Check out Mattheij's writeup in two parts for more information. It starts with an overview of the story, followed up with a deep dive on the software. He's also tweeting about the project (among other things). And if you look around a bit, you'll find bulk LEGO brick auctions online—it's definitely a thing!

Original image
Nick Briggs/Comic Relief
entertainment
arrow
What Happened to Jamie and Aurelia From Love Actually?
May 26, 2017
Original image
Nick Briggs/Comic Relief

Fans of the romantic-comedy Love Actually recently got a bonus reunion in the form of Red Nose Day Actually, a short charity special that gave audiences a peek at where their favorite characters ended up almost 15 years later.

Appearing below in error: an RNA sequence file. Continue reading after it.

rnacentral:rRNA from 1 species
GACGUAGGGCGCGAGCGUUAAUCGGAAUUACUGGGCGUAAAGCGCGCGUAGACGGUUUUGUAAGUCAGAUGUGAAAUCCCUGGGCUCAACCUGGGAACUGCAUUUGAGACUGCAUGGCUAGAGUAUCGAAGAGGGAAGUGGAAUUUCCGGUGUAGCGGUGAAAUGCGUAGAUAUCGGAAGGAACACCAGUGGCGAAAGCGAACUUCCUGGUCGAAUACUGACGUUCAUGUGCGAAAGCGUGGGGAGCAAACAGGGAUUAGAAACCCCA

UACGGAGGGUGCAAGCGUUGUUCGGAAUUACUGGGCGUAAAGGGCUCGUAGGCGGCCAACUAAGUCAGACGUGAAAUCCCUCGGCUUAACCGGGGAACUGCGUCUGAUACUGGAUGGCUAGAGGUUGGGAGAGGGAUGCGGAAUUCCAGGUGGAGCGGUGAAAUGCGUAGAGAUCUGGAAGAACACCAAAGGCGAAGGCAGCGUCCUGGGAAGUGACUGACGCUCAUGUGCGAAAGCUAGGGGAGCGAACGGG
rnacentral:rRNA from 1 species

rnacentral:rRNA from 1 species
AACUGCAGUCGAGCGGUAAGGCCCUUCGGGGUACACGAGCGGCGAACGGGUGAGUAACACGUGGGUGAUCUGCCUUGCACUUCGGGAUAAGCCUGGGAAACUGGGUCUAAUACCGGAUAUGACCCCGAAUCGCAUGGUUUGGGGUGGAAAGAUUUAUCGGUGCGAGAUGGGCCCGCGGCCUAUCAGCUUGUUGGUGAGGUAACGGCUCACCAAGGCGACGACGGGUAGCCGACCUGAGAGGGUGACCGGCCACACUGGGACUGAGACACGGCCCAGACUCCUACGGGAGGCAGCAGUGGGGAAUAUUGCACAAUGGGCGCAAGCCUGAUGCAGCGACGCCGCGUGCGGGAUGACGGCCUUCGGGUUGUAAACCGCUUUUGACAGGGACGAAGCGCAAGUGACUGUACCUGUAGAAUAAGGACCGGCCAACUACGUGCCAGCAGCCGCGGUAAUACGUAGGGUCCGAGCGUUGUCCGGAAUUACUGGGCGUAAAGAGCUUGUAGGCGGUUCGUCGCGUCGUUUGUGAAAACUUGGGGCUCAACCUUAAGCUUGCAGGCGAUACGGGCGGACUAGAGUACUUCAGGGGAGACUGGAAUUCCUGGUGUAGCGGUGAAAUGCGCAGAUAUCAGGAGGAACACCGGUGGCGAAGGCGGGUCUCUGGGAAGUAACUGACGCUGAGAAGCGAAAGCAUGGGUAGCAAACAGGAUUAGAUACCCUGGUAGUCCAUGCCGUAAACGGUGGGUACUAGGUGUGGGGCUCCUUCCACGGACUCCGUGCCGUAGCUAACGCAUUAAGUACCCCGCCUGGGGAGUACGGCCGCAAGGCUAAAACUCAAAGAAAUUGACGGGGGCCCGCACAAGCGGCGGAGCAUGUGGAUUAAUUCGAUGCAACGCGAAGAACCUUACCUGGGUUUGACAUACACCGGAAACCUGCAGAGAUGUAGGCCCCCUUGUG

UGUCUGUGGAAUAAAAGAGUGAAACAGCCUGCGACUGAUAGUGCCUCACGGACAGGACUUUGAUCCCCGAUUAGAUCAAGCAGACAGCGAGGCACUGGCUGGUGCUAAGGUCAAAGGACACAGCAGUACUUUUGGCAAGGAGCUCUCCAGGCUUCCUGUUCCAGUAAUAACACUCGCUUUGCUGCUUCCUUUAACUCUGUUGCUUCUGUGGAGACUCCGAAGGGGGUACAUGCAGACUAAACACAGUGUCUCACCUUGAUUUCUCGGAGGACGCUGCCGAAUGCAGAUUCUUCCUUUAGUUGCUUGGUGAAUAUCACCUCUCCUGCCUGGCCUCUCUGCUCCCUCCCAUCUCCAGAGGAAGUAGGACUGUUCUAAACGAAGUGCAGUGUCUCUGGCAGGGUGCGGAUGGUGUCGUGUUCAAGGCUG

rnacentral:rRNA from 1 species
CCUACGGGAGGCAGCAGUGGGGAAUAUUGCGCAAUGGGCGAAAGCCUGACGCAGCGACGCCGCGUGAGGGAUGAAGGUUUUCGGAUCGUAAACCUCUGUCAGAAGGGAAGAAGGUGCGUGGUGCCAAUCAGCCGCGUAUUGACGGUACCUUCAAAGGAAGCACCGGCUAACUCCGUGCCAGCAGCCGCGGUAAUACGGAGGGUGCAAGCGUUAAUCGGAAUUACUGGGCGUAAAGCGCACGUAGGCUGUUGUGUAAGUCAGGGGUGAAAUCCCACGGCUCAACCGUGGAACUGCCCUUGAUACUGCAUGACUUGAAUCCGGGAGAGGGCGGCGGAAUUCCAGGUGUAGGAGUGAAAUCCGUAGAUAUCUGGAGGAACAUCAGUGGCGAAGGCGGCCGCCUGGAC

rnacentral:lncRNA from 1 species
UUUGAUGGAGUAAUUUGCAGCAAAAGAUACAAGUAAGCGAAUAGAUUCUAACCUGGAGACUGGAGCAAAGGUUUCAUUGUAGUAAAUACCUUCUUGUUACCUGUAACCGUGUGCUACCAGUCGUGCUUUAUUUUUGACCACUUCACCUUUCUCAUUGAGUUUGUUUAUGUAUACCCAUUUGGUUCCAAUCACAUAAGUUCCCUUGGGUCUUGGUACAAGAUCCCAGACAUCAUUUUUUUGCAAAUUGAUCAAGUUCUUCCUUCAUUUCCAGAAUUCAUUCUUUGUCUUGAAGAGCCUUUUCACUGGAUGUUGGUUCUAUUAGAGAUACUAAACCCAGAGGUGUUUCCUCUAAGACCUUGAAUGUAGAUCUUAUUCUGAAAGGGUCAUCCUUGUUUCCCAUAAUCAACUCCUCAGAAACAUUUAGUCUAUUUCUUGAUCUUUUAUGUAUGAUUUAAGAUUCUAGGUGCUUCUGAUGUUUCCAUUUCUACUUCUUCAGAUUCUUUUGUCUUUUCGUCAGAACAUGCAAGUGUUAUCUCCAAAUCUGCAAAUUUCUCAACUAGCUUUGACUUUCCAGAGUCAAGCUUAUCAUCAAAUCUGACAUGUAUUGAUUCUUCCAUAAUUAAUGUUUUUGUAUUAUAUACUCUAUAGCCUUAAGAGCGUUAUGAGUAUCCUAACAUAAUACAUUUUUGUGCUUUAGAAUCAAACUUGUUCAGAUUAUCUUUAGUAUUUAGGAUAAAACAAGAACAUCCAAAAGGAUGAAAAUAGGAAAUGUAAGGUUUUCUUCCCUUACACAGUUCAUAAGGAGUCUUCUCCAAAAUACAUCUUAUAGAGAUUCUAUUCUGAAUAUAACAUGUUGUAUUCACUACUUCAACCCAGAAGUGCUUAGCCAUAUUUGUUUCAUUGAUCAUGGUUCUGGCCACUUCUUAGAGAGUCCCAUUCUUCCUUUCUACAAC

One of the most improbable pairings from the original film was between Jamie (Colin Firth) and Aurelia (Lúcia Moniz), who fell in love despite almost no shared vocabulary. Jamie is English, and Aurelia is Portuguese, and they know just enough of each other’s native tongues for Jamie to propose and Aurelia to accept.

A decade and a half on, they have both improved their knowledge of each other’s languages—if not perfectly, in Jamie’s case. But apparently, their love is much stronger than his grasp on Portuguese grammar, because they’ve got three bilingual kids and another on the way. (And still enjoy having important romantic moments in the car.)

In 2015, Love Actually script editor Emma Freud revealed via Twitter what happened between Karen and Harry (Emma Thompson and Alan Rickman, who passed away last year). Most of the other couples get happy endings in the short—even if Hugh Grant's character hasn't gotten any better at dancing.

[h/t TV Guide]

SECTIONS
BIG QUESTIONS
BIG QUESTIONS
WEATHER WATCH
BE THE CHANGE
JOB SECRETS
QUIZZES
WORLD WAR 1
SMART SHOPPING
STONES, BONES, & WRECKS
#TBT
THE PRESIDENTS
WORDS
RETROBITUARIES